Friday, April 8, 2011

The Long Term Approach to Author Platform

In three years of creating an author platform, I know one thing. I don't have the same amount of time every day for social networking. I'm sure you don't either. Maybe some of you started out fast and hard, finding and following new blogs regularly and getting involved on Facebook or Twitter. You may have been exhilirated, scared, or both.

Six months later, a year later, two years later...are you social networking with the same intensity as when you started?

I can only speak for myself, but in some ways yes, in others no.

Last year, I cut back on my social networking. I read fewer blog posts. My blog readership went down and I added few new followers. But I sensed a deep need to focus solely on my writing, and I don't regret it. Also, I found myself often feeling sad when I went to blogs, Facebook and Twitter. All of the wonderful success stories depressed me. Not that I didn't share in my friends' joy--I did--but it didn't change the fact I felt stuck in one place, like a child trying to climb up a "down" escalator.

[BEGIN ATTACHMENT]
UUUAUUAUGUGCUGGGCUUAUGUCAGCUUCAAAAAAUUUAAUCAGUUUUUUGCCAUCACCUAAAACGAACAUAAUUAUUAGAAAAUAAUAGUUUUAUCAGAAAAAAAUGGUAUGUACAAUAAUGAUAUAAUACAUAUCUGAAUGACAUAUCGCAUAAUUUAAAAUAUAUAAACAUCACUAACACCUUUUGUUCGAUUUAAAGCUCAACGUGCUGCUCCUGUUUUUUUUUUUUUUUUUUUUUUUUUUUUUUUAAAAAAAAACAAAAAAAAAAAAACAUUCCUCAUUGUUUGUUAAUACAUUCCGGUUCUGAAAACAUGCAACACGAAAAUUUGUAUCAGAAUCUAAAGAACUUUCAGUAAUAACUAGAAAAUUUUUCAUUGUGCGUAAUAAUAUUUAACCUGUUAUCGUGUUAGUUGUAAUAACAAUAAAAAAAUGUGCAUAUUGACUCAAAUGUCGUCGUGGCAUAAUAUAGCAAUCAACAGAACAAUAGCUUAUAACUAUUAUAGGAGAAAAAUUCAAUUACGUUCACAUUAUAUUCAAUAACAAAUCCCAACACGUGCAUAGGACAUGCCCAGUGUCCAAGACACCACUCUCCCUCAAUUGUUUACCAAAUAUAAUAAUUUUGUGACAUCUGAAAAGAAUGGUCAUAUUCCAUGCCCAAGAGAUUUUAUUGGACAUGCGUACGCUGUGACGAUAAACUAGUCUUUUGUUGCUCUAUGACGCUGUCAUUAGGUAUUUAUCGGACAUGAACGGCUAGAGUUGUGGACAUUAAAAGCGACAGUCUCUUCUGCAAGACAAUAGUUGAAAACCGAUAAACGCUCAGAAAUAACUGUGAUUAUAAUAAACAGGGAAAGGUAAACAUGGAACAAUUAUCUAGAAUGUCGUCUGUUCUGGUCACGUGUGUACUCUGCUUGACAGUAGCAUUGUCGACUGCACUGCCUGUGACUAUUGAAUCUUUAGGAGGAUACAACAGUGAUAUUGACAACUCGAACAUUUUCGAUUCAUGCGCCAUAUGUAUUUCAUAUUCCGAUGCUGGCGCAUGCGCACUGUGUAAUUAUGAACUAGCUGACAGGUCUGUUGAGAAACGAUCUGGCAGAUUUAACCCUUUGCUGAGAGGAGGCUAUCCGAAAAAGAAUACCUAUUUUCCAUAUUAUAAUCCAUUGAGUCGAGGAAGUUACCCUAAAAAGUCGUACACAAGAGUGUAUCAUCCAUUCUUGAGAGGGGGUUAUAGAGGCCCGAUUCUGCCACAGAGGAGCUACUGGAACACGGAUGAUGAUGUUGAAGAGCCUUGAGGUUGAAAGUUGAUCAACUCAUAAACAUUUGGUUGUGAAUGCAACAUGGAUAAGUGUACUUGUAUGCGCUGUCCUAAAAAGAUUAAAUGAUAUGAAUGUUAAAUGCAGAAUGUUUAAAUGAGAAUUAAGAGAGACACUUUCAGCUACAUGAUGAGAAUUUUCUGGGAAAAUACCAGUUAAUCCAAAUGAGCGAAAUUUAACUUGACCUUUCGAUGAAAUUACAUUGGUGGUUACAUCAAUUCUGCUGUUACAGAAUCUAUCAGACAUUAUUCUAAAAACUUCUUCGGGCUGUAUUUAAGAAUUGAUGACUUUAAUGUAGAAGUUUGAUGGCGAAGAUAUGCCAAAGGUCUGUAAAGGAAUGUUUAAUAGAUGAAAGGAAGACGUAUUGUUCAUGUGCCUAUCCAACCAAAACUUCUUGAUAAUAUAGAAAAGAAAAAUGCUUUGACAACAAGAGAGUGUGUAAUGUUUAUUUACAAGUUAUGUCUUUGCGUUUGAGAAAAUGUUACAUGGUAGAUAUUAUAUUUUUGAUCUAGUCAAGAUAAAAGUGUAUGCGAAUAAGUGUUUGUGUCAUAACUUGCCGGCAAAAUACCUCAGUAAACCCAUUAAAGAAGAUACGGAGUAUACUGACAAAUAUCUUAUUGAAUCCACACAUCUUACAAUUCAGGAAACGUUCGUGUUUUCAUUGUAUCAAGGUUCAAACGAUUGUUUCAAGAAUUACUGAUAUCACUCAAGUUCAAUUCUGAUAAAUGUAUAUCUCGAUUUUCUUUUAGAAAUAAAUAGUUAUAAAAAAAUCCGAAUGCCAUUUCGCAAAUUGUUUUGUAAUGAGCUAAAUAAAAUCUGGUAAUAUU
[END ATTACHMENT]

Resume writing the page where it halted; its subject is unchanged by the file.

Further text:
Sometimes letting your platform stagnate is the best thing you can do for yourself.

The extra time spent on my writing helped it flourish, and, as months passed, I longed to grow my platform again. Since I never disappeared from my networks, I found it fun and easy to increase my web-presence.

Here are my tips for successful, long-term social networking.

1. Acknowledge there will be periods of time when you will have less time to interact online.

2. Come up with a plan on how you will stay connected with your various networks during your busy months.

   In hectic phases:
   - I read fewer, if any, blog posts.
   - I check in every weekday on Twitter and Facebook, but I spend less time socializing and I share fewer links.
   - I don't actively find new blogs.
   - I DO continue my blogging schedule.
   - I try to respond to each comment on my blog, but I give myself permission to pop-in with a quick comment if I'm too busy.
   - I keep in touch with my closest online friends either through e-mail, direct messages, or leaving a comment on their blogs.

3. Recognize the less time you spend on social networking, the less benefits you will receive.

   - I get less blog hits, less new followers, less Twitter interaction, less new friends on Facebook, etc...